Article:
Good for him.
*For my Murkin Readers: “sixth form” is the equivalent to an extra year of high school — thirteenth grade, as it were — as a preparatory step towards university. It is one of my deepest regrets that I didn’t stay on for the Sixth myself; my life would have been considerably different had I done so.
My body can best be described as a compact, stocky frame. In other words, I’m a tubby short-ass. I will also acknowledge that my dimensions don’t fit into the sizing scale used by most clothing outlets. My current waist measures 41 inches (give or take a half-inch or so) and my inseam leg measurement is [sigh] 29½ inches. For some reason, U.S. trousers measured at 40/30 fit me fine, but in the U.K., Marks & Spencer’s offerings require me to pick the 42/29 in order to fit me properly. Don’t ask; I have no idea why the two countries’ inches are of different length, and why I should have to go up a size at the waist, and down a size in the length in the U.K. (The same is true of shirts, by the way: U.S. XXL shirts fit me perfectly, but I have to get XXXL shirts at M&S to accommodate my 51-inch chest and 18-inch neck.)
I should also point out that M&S is pretty much the only place I buy clothes in Britishland, and the only place I buy underwear, period. (Cliff Notes reasons for the latter: comfortable, durable and quality workmanship.) One of the reasons I like M&S so much is that their materials feel wonderful: I have very sensitive skin, and clothing that most people seem to wear without complaint drives me crazy with itching/scratching.
I’ve told you all that so I could tell you this.
Via Insty, I note that Nordstrom is testing a “new” kind of store in California (where else?) that features “personal stylists” who will guide customers in their purchase decisions, advising them on fitting and such — and then having the customer order their final choices online, to be delivered later (I guess) either to the store for pick-up, or direct to their homes. Stephen Green says:
“That might be a smart move, given that expensive floorspace and (especially) carried inventory costs are two huge disadvantages of traditional retail versus e-commerce,”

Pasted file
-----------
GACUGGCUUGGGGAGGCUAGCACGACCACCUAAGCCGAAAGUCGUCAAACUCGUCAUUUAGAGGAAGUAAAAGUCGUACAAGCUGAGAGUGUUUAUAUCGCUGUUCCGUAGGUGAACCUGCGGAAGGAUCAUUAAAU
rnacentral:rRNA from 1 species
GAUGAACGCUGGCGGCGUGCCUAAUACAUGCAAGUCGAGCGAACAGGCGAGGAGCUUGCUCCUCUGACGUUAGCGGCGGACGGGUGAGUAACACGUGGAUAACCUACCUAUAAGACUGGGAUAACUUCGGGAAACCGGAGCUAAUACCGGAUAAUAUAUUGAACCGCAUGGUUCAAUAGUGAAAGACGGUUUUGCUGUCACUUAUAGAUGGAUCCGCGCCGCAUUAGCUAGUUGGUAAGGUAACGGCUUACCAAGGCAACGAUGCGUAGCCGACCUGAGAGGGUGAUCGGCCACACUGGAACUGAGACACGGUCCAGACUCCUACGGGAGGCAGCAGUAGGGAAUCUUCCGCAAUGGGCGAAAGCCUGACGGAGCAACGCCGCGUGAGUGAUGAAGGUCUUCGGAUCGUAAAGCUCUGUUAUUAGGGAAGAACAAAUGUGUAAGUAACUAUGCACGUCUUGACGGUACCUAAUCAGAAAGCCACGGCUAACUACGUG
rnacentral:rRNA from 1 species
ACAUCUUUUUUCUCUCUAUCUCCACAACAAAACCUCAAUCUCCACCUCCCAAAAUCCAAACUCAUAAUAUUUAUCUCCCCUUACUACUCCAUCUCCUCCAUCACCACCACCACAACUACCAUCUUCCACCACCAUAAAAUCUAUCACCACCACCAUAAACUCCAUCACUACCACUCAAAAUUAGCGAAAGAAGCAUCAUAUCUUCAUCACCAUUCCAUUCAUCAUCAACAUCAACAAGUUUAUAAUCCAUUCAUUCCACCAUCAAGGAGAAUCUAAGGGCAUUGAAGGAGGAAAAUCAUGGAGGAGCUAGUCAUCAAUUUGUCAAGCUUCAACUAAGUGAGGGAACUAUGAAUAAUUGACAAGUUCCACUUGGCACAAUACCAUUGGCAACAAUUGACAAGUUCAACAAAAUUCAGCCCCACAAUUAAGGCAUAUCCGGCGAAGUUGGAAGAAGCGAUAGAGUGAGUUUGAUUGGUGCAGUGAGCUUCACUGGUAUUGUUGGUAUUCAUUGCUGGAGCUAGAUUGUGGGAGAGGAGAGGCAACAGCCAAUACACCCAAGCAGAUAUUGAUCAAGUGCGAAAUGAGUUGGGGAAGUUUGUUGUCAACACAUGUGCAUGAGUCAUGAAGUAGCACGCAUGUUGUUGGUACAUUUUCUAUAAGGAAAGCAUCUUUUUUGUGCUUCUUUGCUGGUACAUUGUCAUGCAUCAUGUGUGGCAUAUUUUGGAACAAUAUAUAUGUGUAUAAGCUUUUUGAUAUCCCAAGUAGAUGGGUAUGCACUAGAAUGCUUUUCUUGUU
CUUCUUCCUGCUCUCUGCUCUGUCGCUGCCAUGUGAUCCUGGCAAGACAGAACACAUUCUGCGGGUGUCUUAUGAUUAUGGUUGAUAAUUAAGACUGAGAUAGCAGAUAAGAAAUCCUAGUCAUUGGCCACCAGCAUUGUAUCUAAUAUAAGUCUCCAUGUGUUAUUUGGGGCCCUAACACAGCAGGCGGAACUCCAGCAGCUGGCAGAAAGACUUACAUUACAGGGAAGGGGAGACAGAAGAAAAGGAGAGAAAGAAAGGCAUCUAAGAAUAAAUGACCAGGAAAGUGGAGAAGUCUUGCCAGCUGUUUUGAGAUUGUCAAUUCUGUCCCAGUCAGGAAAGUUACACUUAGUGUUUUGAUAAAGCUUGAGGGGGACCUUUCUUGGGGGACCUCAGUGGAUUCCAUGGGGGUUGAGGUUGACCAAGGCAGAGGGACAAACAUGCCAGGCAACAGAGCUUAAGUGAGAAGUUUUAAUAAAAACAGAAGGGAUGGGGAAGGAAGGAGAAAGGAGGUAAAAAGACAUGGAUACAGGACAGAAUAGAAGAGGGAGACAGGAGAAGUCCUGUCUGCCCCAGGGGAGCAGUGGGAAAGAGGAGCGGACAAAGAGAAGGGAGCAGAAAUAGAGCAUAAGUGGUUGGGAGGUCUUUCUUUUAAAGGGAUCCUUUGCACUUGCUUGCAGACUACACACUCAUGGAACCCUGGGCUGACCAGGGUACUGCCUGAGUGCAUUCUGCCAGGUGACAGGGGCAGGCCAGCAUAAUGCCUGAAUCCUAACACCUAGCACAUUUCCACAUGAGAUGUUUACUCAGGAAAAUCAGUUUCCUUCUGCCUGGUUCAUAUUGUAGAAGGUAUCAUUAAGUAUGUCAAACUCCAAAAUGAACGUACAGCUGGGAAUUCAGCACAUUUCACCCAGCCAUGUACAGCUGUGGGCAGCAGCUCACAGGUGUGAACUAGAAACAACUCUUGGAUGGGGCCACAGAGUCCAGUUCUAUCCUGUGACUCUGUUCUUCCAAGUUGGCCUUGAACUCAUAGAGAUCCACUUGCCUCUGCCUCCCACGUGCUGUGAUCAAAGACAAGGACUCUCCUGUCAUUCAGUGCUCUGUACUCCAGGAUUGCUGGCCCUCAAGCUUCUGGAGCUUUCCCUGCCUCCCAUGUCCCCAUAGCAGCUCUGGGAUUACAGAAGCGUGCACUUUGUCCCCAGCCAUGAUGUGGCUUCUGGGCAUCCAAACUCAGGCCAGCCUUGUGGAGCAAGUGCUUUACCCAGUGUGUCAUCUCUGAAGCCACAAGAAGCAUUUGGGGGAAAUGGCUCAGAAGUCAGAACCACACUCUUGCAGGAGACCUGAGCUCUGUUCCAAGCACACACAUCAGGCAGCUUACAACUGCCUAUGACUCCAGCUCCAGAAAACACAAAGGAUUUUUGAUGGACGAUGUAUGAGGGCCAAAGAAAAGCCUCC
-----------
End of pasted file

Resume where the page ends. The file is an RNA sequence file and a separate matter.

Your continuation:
…and I agree.
I’m not going to go into a critique of this methodology, because Nordstrom generally does things right and they are, if nothing else, keenly aware of their customers’ wishes and wants. All I can say is that if they’re going to offer tailoring services (as the article suggests), they’d better have their logistics ducks in a row.
Marks & Spencer has sort of gone this route, except that they now encourage people to look at what’s available in-store; if you can’t find your exact size, then order it online at one of the many kiosks in the store, and M&S will then deliver it to any M&S location you choose — even their food-only stores and gas station outlets — if those are closer to you than the department store. It makes sense, I guess, but it also drove me scatty a while ago when I went to shop for some trousers at the Salisbury branch.
I found not only one style of trousers I liked, but three — except that only one was available in 42/29. So I asked a clerk if they might have any 42/29s in the stock-room, only to be told that M&S no longer has any stock-rooms — what’s on the floor is what you get. So I asked whether they were getting any deliveries in the near future, and was told that one was expected in a couple days’ time. Would this delivery include more of the 42/29 trousers, I asked, and was assured that their stock re-ordering system would probably handle the shortcoming.
You can guess what’s coming, right? I went back a week later, credit card clutched in my sweaty little hand, only to find that nope, their re-ordering system had obviously missed the out-of-stock situation. So I gave up, and reassured myself that in a couple weeks’ time, I’d be able to go to M&S’s giant flagship store on Oxford Street in London to get the two missing items.
Once again, you can guess what’s coming: not only did M&S not have that size in stock, but they didn’t carry that style of trousers at all. The Oxford Street branch did have some excellent shirts in XXXL, which I bought, but not the trousers I was seeking.
Never mind, I told myself: in a week’s time I’d be going to Bath, and surely I’d find my chosen trousers — which were now becoming something of an obsession — in Somerset. I’d also find some more of those excellent XXXL shirts in Bath (I’d cleaned out Oxford Street’s miniscule supply of the XXXL), so I could, finally, get all the clothing I wanted.
Not quite. Bath stocked the 42/29 trousers, which I snapped up greedily, but not that style of XXXL shirts — which they didn’t carry at all, and never had.
So when people ask me about going shopping, and why retail outlets are losing business to online shopping, I can give several reasons why. Because next time, I’m going to find the clothing I like at Marks & Spencer, not bother with looking for the sizes I need, and order them online.
But if I’m only in town for a short while and the delivery won’t be quick enough, I just won’t bother shopping there at all — which bugs the hell out of me because I love Marks & Spencer.
I love shopping at Nordstrom too, so I hope that someone there reads this and learns the appropriate lesson(s).